Ashley Spurgeon

Fall 2020 Career Day goes virtual to connect Mines students, recruiters

More than 8,000 interviews and conversations took place between students and employers over the event's first two days
Employer view of interview on Brazen

Chemical engineering student Cami Schroder interviews with a representative of Puget Sound Energy during Fall Career Day on September 17.

Colorado School of Mines’ semiannual Career Day event looked a bit different this fall.

Instead of filling Lockridge Arena with company booths and students eager to meet potential employers in person, the event took place entirely online and was spread out over two days on September 15 and 16 — with a third day scheduled for October 14 — to ensure Mines students could conduct their job search as safely as possible.

Despite the new format and some technical glitches on the first day, Career Day remained a successful event for both job candidates and recruiters. A total of 1,831 current Mines students and recent graduates logged in to the new Brazen virtual platform on September 15, and 1,387 joined on September 16 to learn more about job and internship opportunities. On the recruiter side, 719 representatives from 175 organizations were on hand to chat one-on-one via text or video with students about their company and available positions in addition to interviewing potential hires. More than 8,000 interviews and conversations took place between students and employers over the two days.

While all science, technology and engineering fields were represented at the event, the most popular employers included:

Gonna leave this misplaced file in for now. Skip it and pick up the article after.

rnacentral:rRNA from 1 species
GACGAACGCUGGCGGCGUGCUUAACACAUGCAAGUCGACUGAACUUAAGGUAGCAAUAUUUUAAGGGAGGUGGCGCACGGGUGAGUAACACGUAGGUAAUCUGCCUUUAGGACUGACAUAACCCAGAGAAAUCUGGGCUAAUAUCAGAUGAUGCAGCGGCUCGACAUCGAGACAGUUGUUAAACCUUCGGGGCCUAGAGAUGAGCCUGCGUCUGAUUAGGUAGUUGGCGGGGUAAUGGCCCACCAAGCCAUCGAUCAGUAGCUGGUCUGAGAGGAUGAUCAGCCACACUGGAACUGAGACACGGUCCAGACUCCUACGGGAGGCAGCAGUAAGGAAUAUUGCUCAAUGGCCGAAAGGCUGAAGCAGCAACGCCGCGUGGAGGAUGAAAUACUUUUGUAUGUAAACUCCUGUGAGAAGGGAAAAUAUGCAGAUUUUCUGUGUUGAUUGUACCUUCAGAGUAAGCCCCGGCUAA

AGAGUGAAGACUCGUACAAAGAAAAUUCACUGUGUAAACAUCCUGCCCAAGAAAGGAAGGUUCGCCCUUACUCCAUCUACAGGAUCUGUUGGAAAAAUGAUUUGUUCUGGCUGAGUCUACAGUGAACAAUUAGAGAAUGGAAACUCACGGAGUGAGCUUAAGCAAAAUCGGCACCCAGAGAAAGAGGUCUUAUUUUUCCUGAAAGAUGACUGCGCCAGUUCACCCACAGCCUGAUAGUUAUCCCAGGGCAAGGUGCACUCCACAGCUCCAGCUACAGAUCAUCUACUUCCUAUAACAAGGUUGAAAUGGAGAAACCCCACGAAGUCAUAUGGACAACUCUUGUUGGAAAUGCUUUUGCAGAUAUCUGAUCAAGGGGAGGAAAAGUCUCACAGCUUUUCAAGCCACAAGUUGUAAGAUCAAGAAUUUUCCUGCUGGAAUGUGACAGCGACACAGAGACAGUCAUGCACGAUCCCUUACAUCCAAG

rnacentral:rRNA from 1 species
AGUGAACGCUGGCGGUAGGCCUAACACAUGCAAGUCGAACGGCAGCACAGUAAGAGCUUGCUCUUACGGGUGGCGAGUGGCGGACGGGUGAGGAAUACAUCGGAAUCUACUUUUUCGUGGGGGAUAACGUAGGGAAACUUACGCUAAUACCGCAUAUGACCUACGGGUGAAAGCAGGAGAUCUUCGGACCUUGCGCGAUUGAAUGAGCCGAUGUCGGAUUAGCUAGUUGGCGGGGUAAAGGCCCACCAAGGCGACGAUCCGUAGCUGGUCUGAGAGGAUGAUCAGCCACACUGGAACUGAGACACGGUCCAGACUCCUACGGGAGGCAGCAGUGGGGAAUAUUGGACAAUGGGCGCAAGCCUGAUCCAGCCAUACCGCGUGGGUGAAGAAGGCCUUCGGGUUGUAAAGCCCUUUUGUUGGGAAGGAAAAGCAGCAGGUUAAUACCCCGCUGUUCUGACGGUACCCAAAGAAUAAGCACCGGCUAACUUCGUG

• AMD
  • Ball Aerospace
  • BP
  • Chevron 
  • Credera
  • Milwaukee Tool
  • Northrop Grumman 
  • Proctor and Gamble 
  • Seagate Technology 
  • Wolf Robotics
  • BPx Energy

“Fall 2020 Career Day was one for the books,” said Wendy Winter-Searcy, director of the Mines Career Center. “As the first time Mines has hosted a completely virtual career fair, it didn’t go exactly as planned. However, we are so impressed with the resilience and professionalism of the Mines students who persevered and made the most of the connections they were able to make with potential employers. Overall, the employers were very pleased and intend to move forward with their interviewing and hiring plans.”

The Mines Career Center is already hard at work to accommodate employers who had technical difficulties on September 15, as well as companies who had long lines and weren’t able to meet with all of the students waiting at their virtual booths. Those employers will have the option of returning for the final Fall Career Day event on October 14 or hosting a separate virtual information session to connect with more students, which the Career Center said many companies have eagerly expressed interest in doing. The Career Center will also host other recruiting events this fall, including employer panels, engagement events, employer interviews and more.

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Ashley Spurgeon

Ashley Spurgeon

Editor, Mines Magazine
About Mines
Colorado School of Mines is a public research university focused on science and engineering, where students and faculty together address the great challenges society faces today - particularly those related to the Earth, energy and the environment.